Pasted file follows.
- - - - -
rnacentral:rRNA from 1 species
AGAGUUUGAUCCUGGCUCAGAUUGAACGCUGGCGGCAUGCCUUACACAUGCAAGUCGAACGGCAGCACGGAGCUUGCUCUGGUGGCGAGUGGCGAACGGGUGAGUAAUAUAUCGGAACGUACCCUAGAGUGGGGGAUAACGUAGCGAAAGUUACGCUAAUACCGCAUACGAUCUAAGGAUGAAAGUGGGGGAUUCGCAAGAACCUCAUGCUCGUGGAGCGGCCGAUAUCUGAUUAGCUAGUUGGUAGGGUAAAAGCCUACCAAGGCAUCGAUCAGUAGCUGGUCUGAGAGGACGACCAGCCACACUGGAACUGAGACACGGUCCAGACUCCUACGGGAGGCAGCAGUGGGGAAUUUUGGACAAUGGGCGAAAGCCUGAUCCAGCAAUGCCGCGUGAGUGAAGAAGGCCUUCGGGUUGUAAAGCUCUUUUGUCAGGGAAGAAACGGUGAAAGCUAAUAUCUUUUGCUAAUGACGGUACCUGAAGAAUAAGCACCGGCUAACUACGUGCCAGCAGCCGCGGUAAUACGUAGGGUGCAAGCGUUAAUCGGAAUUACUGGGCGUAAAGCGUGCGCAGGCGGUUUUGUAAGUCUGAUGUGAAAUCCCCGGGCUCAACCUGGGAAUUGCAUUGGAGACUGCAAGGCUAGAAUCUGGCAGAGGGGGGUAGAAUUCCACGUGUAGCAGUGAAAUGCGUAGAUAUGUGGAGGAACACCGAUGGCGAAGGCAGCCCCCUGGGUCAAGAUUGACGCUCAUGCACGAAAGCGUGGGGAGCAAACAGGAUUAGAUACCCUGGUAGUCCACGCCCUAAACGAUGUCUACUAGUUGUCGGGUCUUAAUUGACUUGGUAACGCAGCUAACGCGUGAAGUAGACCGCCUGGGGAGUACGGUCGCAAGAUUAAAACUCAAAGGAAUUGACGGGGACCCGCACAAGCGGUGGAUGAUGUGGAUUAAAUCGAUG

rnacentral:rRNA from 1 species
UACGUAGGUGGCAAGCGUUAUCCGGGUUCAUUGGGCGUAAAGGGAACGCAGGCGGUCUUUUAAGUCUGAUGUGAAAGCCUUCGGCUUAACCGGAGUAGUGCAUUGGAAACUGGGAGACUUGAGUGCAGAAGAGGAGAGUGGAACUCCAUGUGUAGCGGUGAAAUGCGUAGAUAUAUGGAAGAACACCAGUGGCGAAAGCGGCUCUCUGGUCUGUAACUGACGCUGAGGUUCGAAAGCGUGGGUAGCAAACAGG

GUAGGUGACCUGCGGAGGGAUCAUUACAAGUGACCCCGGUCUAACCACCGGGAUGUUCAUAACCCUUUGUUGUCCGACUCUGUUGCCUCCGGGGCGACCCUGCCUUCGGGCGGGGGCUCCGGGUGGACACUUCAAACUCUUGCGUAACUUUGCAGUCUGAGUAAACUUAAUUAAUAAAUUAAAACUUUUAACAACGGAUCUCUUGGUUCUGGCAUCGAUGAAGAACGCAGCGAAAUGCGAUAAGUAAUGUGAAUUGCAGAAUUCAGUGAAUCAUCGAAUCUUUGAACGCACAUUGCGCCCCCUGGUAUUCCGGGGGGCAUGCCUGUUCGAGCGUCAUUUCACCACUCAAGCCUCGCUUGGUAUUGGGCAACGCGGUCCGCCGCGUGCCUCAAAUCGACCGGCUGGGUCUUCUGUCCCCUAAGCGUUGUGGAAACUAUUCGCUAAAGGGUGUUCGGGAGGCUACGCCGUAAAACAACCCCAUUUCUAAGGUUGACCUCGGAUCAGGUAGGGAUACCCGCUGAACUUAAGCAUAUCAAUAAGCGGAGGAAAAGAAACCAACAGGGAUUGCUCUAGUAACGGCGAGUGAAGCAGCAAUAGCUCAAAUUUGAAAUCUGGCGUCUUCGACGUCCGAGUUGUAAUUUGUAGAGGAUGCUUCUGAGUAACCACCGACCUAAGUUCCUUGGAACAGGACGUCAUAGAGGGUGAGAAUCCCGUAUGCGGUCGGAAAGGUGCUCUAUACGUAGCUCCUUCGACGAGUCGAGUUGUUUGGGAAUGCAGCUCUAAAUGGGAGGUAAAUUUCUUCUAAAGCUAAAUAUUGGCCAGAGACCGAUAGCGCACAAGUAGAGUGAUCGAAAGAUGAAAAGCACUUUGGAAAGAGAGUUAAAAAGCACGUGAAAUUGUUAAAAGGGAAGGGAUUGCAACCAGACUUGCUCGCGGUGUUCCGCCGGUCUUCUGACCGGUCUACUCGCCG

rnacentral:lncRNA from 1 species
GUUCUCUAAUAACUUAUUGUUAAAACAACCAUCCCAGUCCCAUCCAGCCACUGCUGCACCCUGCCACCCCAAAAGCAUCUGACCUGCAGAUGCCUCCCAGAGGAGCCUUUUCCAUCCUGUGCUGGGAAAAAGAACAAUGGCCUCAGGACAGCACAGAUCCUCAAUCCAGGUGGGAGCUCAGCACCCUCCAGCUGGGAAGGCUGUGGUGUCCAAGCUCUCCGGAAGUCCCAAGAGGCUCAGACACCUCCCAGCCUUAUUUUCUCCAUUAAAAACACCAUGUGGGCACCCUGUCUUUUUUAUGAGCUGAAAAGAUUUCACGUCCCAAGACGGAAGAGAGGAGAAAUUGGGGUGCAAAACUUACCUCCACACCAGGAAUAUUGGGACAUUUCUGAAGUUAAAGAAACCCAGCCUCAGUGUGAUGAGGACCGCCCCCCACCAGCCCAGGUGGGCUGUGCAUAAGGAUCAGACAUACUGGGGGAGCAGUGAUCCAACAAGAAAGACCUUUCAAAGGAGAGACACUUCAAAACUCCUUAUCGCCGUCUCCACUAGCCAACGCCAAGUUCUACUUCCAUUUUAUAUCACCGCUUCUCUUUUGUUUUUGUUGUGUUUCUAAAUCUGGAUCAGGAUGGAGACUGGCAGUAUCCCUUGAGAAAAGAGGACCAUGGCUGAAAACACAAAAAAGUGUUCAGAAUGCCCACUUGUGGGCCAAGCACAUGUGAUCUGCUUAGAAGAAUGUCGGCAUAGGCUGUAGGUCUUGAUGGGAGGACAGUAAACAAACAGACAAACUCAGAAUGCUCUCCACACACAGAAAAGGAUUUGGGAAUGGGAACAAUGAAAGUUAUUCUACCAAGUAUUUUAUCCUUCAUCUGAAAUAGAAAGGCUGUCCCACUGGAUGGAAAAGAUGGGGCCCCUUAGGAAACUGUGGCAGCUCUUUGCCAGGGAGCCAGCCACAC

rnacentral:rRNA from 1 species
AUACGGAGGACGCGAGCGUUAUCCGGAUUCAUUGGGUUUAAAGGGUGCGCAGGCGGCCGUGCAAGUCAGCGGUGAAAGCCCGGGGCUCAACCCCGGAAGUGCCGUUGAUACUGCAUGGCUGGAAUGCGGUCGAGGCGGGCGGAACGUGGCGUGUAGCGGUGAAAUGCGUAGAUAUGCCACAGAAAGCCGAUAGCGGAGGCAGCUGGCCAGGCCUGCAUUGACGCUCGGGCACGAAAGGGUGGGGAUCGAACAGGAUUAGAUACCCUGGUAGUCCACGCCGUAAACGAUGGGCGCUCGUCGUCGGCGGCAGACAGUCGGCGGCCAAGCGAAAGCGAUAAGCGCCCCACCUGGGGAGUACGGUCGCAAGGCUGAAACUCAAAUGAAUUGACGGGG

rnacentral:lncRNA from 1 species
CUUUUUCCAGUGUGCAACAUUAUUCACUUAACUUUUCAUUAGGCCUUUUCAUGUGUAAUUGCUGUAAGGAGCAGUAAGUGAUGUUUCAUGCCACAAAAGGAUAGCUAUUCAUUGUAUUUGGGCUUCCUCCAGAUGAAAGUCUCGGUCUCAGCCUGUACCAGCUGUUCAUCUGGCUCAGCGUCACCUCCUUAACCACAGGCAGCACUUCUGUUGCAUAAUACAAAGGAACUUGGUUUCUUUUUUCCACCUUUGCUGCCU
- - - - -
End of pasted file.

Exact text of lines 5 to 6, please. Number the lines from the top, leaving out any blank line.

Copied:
GUAGGUGACCUGCGGAGGGAUCAUUACAAGUGACCCCGGUCUAACCACCGGGAUGUUCAUAACCCUUUGUUGUCCGACUCUGUUGCCUCCGGGGCGACCCUGCCUUCGGGCGGGGGCUCCGGGUGGACACUUCAAACUCUUGCGUAACUUUGCAGUCUGAGUAAACUUAAUUAAUAAAUUAAAACUUUUAACAACGGAUCUCUUGGUUCUGGCAUCGAUGAAGAACGCAGCGAAAUGCGAUAAGUAAUGUGAAUUGCAGAAUUCAGUGAAUCAUCGAAUCUUUGAACGCACAUUGCGCCCCCUGGUAUUCCGGGGGGCAUGCCUGUUCGAGCGUCAUUUCACCACUCAAGCCUCGCUUGGUAUUGGGCAACGCGGUCCGCCGCGUGCCUCAAAUCGACCGGCUGGGUCUUCUGUCCCCUAAGCGUUGUGGAAACUAUUCGCUAAAGGGUGUUCGGGAGGCUACGCCGUAAAACAACCCCAUUUCUAAGGUUGACCUCGGAUCAGGUAGGGAUACCCGCUGAACUUAAGCAUAUCAAUAAGCGGAGGAAAAGAAACCAACAGGGAUUGCUCUAGUAACGGCGAGUGAAGCAGCAAUAGCUCAAAUUUGAAAUCUGGCGUCUUCGACGUCCGAGUUGUAAUUUGUAGAGGAUGCUUCUGAGUAACCACCGACCUAAGUUCCUUGGAACAGGACGUCAUAGAGGGUGAGAAUCCCGUAUGCGGUCGGAAAGGUGCUCUAUACGUAGCUCCUUCGACGAGUCGAGUUGUUUGGGAAUGCAGCUCUAAAUGGGAGGUAAAUUUCUUCUAAAGCUAAAUAUUGGCCAGAGACCGAUAGCGCACAAGUAGAGUGAUCGAAAGAUGAAAAGCACUUUGGAAAGAGAGUUAAAAAGCACGUGAAAUUGUUAAAAGGGAAGGGAUUGCAACCAGACUUGCUCGCGGUGUUCCGCCGGUCUUCUGACCGGUCUACUCGCCG

rnacentral:lncRNA from 1 species